Termite tenting service in LA
One termite treatment that many homeowners go for is what is known as tenting. This is where the home is covered in a sealed, nylon tent. Then the home is filled with a poisonous gas that kills the termites. This gas used is typically sulfuryl fluoride, which has no smell and no color, and doesn’t leave behind a residue. However, if it is left long enough within the home, it can penetrate any wood in the home to get to the termites living within. By sealing the bugs in with the tent, the escape or entry of any termites is prevented, ensuring that the termite population has been completely eradicated. In order to ensure that the gas reaches all areas of the home, fans are typically used to circulate the air throughout. These are also installed by the service provider as part of the process.
At the end of the two days, the tent is removed, the house is aired out, and the quality of the air is tested to see if it is safe for the homeowner to return. This process tends to take one or two days to ensure that all of the termites and their eggs are killed, meaning that the homeowner, his family, and any pets should be eradicated from the home at this time. Food, medicine and any house plants should be removed from the home entirely. Some fumigation services may even provide special bags for these items to be stored in, should the homeowner be incapable of taking these things with him. Surfaces where a person may spend extended periods of times being in contact with are also covered, such as beds and sofas.
Despite the effectiveness of this process, there are some drawbacks to its use.
- The tenting method is only effective against drywood termites. This can make if a very expensive ordeal if the process doesn’t work due to the fact that it is a different kind of infestation.
- The termite treatment of gas is not effective against the eggs, and is only capable of killing the adults. However, if the process has been successful, then there would be no adults to feed the nymphs once they hatch.
- At very high temperatures, the sulfuryl fluoride will decompose into a corrosive acid that can eat through the home’s surfaces and structure, causing more damage than originally intended. It’s important that the service provider you hire is experienced in the tenting process and removes any heat sources from the home before the fumigation process begins.
- The tenting process may not be capable of killing the termites that are deep within the foundation of the home in the soil itself. This incomplete eradication will only make it easier for the termites to remain within the “safe” zones of your home and continue to increase their numbers.
- Lastly, the gas does not prevent a new infestation from occurring. Once the home is reopened, a new colony is free to retake residence within your home once it has been aired out. This is a sign that there is a bigger problem that must be dealt with using more serious methods to completely eliminate the termite presence in your home altogether, and can make getting rid of termites more difficult than you already bargained for.
Killing termite with chemical treatments
Amongst the termite treatment options are a variety of chemical treatments that can be applied to the home and the surrounding areas in order to keep termites away. These treatments technically come in two varieties: repellant and non-repellant.
Repellants are typically used within the home itself and in the soil found deep underground surrounding the home. These are the most common type of chemical treatment, as it creates a barrier that termites are not likely to cross to enter the home. The chemical is applied to as many termite entry points are possible in order to prevent the population from increasing. However, this is not very effective against killing the termites that are near the home, as the product only works on those who come into contact with the chemical. All of the entry points may also be impossible to locate, leaving the home vulnerable in these areas that termites can still use to eat through your foundation and make it their new home.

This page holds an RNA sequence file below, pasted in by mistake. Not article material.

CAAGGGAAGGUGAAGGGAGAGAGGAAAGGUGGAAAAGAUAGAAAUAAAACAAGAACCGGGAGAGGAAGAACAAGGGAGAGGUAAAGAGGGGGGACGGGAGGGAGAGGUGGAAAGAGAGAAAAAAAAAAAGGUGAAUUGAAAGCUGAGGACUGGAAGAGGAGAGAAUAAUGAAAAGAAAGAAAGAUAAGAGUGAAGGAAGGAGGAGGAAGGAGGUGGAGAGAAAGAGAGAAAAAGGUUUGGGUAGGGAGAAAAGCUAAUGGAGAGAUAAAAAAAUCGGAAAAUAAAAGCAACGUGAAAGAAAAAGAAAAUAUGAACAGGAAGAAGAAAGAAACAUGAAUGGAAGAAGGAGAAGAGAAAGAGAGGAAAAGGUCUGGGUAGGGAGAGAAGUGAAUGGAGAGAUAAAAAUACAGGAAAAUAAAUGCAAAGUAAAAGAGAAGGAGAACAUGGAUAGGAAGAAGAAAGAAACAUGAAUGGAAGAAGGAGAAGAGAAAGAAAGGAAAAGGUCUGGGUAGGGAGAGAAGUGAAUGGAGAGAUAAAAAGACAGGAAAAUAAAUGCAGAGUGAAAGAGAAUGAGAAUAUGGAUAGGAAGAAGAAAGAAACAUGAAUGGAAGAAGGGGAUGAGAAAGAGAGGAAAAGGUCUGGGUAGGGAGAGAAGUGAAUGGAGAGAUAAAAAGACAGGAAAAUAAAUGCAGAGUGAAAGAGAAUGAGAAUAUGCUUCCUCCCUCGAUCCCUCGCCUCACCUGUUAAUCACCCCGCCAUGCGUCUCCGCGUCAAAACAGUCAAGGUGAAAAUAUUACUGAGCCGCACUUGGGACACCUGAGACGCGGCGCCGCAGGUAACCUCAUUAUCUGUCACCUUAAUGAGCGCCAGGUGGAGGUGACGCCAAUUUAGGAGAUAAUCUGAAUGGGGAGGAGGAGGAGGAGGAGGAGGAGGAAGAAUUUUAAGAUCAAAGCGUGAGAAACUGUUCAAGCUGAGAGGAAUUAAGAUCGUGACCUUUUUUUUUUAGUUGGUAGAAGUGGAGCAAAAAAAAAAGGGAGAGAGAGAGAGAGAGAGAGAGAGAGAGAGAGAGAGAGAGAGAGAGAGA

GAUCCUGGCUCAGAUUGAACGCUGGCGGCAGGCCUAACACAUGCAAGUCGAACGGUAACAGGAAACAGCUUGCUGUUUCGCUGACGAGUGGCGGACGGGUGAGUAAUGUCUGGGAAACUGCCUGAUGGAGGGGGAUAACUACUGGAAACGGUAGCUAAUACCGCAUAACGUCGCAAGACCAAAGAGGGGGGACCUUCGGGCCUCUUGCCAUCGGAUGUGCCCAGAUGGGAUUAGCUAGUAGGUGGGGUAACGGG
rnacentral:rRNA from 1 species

Non-repellants work in a much different way. How this is works is that the chemical that is used cannot be detected by the termites, so they are unaware they are burrowing into the treated area, effectively killing their numbers without them knowing. An added bonus is that the chemical can be transmitted from termite to termite, affecting even those termites that are outside of the treatment zone. This seems to be a much more effective method of quelling a population’s numbers until they have been completely eradicated.
These chemical treatments can be applied to a number of different building materials throughout the home, either pre- or post-construction in order to prevent or deal with an existing termite infestation.
The treatment of any wood within the home is typically the first step, as wood foundation are the most vulnerable to attack by termites. Such treatment can also be applied to the siding and sheetrock of the home in order to further prevent any termites from settling within the structure. This chemical treatment is typically done with disodium octoborate-tetrahydrate, which prevents termites from feeding and constructing shelter tubes. However, this only prevents the construction of the mud tubes; there may still be infestation within the home even without their presence.
Chemical barriers can also be made by applying treatments to the surrounding soil of the home, but internally and externally. This kind of treatment is performed during the process of building the home, and has a number of stages that need to be adhered to. It’s a treatment that requires a lot of chemical product, so it is not a do-it-yourself project that most homeowners can do on their own.
In knowing how to get rid of termites, it’s important to know all of the options that are available to you. Termite baiting is certainly an attractive option for homeowners who aren’t interested in filling their home with a lot of poisonous chemicals. Termite baiting is a simple process that can eliminate termites in one’s home forever, and it’s not very expensive.
The baits themselves can be installed above ground or below ground, depending on the homeowner’s personal preference. In above ground, the “stations” are placed directly over the signs of active termite activity, such as wood and drywall. Below ground treatment, however, dispense the bait randomly, producing a chance that the termites will find it. It’s easy to see why the former is a more attractive option in dealing with these pests. To increase the effectiveness of below ground treatment, more “stations” would have to be installed to increase the likelihood of the bait being taken and consumed.